< BLOG

Archive for the ‘Neighborhood Fringe’ Category

Making Art in 2017: Joshuah D. Simpson on It Takes One

Posted August 20th, 2017

Joshuah D. Simpson. Photo by Cass Meehan.

Name: Joshuah D. Simpson

Company: The University of the Arts

Show in 2017 FestivalIt Takes One

Role in Show: Performer, Writer

Past Festival showsYou Can’t Put Me in a Box

FringeArts: Tell us about your show. 

Joshuah Simpson: This show came out of my problematically zealous passion for musical theater, but more specifically Into the Woods. This show has taught me a great deal about the world around me, and made me realize that in a world where we’re used to all necessary information being spoon fed to us through social media, hidden messages from shows like this are often looked over. My hope is that It Takes One reminds audiences of the connective tissue that all humans share as moving cogs in this world, and find the innate similarities between us while getting a good laugh and maybe even a few tears.

FAHow have your interests in or approach to art making changed in the last year?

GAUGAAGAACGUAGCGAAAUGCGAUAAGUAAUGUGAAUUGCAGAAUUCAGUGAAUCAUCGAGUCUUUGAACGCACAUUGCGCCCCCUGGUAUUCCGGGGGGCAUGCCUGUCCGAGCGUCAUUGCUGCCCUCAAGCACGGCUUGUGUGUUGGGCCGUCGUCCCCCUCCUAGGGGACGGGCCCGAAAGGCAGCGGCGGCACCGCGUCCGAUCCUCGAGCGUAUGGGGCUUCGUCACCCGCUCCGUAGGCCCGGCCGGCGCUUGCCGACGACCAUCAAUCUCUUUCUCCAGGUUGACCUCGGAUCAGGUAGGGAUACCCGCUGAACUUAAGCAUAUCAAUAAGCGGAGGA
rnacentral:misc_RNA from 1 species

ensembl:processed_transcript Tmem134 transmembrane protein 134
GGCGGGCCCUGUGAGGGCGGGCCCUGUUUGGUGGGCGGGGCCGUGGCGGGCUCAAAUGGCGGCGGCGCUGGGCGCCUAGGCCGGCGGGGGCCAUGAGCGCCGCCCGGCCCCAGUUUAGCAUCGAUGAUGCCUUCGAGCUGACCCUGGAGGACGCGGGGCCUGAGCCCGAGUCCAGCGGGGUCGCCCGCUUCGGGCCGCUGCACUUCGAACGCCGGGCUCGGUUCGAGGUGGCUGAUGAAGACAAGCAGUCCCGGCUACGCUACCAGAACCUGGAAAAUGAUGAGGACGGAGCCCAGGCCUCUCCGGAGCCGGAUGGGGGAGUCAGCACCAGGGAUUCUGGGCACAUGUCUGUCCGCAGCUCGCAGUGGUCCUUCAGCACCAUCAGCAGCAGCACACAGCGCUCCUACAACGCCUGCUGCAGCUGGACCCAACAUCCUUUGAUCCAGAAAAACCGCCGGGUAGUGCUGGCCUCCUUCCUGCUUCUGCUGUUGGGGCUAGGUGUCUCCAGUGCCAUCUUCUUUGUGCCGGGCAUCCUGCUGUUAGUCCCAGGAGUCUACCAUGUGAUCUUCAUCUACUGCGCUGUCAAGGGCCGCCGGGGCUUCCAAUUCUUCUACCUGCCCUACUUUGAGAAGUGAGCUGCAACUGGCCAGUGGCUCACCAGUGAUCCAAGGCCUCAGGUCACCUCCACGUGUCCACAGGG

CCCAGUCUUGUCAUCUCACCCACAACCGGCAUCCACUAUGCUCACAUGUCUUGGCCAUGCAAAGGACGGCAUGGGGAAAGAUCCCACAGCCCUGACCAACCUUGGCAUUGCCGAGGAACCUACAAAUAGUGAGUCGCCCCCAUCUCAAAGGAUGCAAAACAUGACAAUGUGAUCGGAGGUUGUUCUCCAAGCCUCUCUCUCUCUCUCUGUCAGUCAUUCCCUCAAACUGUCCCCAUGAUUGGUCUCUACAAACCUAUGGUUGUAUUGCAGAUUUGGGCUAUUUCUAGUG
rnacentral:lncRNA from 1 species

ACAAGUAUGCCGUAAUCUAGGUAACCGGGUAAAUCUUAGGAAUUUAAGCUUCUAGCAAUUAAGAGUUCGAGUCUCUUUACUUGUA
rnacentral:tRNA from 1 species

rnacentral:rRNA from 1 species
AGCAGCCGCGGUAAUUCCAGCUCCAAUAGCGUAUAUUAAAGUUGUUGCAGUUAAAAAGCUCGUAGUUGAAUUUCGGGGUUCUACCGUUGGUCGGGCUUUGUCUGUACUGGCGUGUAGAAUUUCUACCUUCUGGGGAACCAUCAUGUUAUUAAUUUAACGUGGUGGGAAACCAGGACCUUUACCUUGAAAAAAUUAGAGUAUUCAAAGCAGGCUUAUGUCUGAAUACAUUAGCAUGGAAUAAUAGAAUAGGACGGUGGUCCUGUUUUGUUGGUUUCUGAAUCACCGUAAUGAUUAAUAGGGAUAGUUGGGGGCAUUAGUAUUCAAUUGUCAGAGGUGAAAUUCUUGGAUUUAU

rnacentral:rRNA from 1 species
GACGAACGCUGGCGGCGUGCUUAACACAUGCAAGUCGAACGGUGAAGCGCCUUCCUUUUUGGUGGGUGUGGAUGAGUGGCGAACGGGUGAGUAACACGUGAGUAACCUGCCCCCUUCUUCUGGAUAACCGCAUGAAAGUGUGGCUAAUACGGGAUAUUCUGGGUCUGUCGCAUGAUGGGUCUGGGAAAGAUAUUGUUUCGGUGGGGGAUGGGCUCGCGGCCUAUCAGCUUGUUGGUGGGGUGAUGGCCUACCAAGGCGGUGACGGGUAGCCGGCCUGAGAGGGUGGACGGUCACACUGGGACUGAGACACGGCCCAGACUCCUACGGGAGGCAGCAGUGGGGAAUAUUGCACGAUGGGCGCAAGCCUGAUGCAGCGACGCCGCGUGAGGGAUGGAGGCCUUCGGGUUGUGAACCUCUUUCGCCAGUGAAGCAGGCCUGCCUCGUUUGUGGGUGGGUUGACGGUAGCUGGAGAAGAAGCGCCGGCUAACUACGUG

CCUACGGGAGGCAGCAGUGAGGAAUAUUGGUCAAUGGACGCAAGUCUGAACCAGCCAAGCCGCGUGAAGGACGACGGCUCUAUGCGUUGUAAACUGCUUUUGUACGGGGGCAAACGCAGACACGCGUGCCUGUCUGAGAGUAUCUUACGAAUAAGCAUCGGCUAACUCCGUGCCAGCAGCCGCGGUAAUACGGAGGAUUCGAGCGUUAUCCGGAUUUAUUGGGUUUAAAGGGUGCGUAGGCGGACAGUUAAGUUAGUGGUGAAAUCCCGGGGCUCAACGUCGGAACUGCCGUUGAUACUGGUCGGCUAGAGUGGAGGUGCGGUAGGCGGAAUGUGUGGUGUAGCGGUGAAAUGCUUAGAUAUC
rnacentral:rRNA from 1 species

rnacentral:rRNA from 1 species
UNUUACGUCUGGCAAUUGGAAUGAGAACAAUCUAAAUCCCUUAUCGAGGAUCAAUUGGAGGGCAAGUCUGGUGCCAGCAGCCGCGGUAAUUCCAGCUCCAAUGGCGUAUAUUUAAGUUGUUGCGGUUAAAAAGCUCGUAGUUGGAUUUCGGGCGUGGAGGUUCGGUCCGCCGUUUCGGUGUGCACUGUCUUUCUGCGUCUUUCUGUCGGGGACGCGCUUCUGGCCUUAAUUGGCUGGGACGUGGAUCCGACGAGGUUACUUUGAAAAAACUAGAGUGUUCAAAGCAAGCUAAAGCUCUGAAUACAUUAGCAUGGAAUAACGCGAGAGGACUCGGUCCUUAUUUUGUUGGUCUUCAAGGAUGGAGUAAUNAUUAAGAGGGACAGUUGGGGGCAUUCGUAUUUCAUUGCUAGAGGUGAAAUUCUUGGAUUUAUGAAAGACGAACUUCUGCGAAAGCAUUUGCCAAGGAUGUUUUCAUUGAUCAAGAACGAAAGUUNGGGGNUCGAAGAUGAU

Joshuah D. Simpson. Photo by Ethan Abrams.

Joshuah Simpson: I have undergone a lot of changes this year as a theater artist, the most important being the realization that none of us are held to any one position in the grand scope of theater. There are so many roles to take on, and realizing that I’m capable of more than just one or two things really turned me around a bit. More specifically to this show, before this year I had only ever been a spectator of cabarets, but have found myself taking a more and more of an active part, and finding a new love with in the theater world that I’m really excited to share with the Philly community.

Read More

Making Art in 2017: Carl(os) Roa on Andean Mountains (Montañas Andinas)

Posted August 18th, 2017

Carl(os) Roa, practicing the ancient art of ruanamancy; Photo by Talia Mason.

Name: Carl(os) Roa

2017 Festival ShowAndean Mountains (Montañas Andinas)

Role: Writer, Performer

Past Festival showsAE$OP and Parts: A Speed-Through, both of which were produced by the Drexel Players. Shout-out to my alma-mater: Drexel University!